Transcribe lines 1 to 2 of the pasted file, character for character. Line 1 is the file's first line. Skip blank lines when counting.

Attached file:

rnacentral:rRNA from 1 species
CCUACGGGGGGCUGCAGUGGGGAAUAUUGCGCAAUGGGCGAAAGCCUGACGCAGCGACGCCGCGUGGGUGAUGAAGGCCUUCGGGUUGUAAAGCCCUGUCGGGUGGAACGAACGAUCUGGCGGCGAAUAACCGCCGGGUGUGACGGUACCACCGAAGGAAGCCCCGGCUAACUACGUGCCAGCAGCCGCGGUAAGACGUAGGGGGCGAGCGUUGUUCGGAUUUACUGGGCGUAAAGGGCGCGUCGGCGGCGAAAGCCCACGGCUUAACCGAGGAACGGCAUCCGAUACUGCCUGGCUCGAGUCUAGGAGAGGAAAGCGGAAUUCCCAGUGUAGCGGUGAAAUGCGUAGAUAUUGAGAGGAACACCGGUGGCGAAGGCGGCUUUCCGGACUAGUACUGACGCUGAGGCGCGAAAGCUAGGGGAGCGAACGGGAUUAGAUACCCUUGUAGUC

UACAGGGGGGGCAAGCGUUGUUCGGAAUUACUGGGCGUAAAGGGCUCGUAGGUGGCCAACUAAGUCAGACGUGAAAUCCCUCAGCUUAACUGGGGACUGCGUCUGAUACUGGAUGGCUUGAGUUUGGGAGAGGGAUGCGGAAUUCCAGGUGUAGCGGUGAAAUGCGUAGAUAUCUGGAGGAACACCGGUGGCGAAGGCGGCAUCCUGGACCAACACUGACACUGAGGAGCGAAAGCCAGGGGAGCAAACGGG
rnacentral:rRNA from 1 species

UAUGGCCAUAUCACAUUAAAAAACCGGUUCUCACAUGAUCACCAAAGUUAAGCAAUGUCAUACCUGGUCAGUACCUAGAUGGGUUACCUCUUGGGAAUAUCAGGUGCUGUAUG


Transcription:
rnacentral:rRNA from 1 species
CCUACGGGGGGCUGCAGUGGGGAAUAUUGCGCAAUGGGCGAAAGCCUGACGCAGCGACGCCGCGUGGGUGAUGAAGGCCUUCGGGUUGUAAAGCCCUGUCGGGUGGAACGAACGAUCUGGCGGCGAAUAACCGCCGGGUGUGACGGUACCACCGAAGGAAGCCCCGGCUAACUACGUGCCAGCAGCCGCGGUAAGACGUAGGGGGCGAGCGUUGUUCGGAUUUACUGGGCGUAAAGGGCGCGUCGGCGGCGAAAGCCCACGGCUUAACCGAGGAACGGCAUCCGAUACUGCCUGGCUCGAGUCUAGGAGAGGAAAGCGGAAUUCCCAGUGUAGCGGUGAAAUGCGUAGAUAUUGAGAGGAACACCGGUGGCGAAGGCGGCUUUCCGGACUAGUACUGACGCUGAGGCGCGAAAGCUAGGGGAGCGAACGGGAUUAGAUACCCUUGUAGUC